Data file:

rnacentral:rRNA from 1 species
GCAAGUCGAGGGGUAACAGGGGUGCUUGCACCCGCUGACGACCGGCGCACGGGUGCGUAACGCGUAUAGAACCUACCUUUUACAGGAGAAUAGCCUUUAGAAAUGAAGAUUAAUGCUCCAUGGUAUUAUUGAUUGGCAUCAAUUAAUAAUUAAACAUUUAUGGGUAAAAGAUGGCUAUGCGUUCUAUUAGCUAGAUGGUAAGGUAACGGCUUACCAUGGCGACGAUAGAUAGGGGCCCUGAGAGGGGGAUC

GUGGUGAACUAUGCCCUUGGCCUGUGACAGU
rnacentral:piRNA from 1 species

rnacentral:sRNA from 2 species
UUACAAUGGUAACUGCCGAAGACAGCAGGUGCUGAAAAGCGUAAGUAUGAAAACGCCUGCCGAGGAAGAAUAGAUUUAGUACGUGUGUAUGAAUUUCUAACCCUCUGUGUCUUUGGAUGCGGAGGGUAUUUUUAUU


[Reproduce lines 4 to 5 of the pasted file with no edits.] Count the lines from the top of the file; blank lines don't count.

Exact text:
rnacentral:piRNA from 1 species

rnacentral:sRNA from 2 species